Immigrant women’s perceptions of cervical cancer prevention strategies in Ontario, Canada: A framework-informed qualitative analysis
MetadataShow full item record
Background: In Ontario, it is recommended that people with a cervix who are sexually active and over the age of 21 have a Papanicolaou (Pap) test every three years and that students in grade seven receive the human papillomavirus (HPV) vaccine. The extent to which eligible Canadians engage in regular Pap smear examinations and obtain the HPV vaccination are significant public health issues. Importantly, immigration status is largely associated with being underscreened for cervical cancer (Bacal et al., 2019; Datta et al., 2018). Canadian immigrants are less likely to be screened for cervical cancer and have higher rates of HPV infection compared to non-immigrants (Datta et al., 2018; Lofters et al., 2007; Wilson et al., 2021). To develop targeted public health interventions that encourage screening and vaccination among eligible immigrants in Canada, public health practitioners must explore the behavioural influences that produce screening inequities between immigrants and non-immigrants. Methods: Using a semi-structured theoretically-informed qualitative interview study, this thesis examined two major questions: (1) “What are the experiences and perceptions of cervical cancer prevention strategies among immigrant women in Ontario?” and (2) “How might targeted public health programs improve Pap test adherence and HPV vaccination among immigrant women and their children in Ontario?”. The interview guide was based on Version 1 of the Theoretical Domains Framework (TDF). Interviews were coded inductively to explore barriers and enablers to cervical cancer prevention programs. Using previously published criteria, the behavioural influences identified in the inductive stage were then allocated to relevant TDF domains. Results: The behavioural influences identified in this study were allocated to nine of the 12 TDF domains, including Knowledge, Skills, Beliefs about capabilities, Beliefs about consequences, Motivation and goals, Environmental context and resources, Social influences, Emotion, and Behavioural regulation. Conclusion: The findings from this study informed five recommendations for targeted public health programs aiming to increase screening adherence and vaccination rates within immigrant communities. The recommendations are to (1) improve access to multilingual health resources, (2) disseminate health information to immigrant communities through effective media, (3) provide physicians with educational resources to improve the cultural sensitivity and safety of their approaches to care delivery, (4) increase access to low-barrier healthcare and (5) incorporate self-administered tests into provincial screening programs.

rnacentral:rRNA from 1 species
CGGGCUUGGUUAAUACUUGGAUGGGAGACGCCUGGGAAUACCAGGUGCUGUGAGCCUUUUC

Cite this version of the work
Kayla Alexandra Benjamin (2021). Immigrant women’s perceptions of cervical cancer prevention strategies in Ontario, Canada: A framework-informed qualitative analysis. UWSpace. http://hdl.handle.net/10012/17327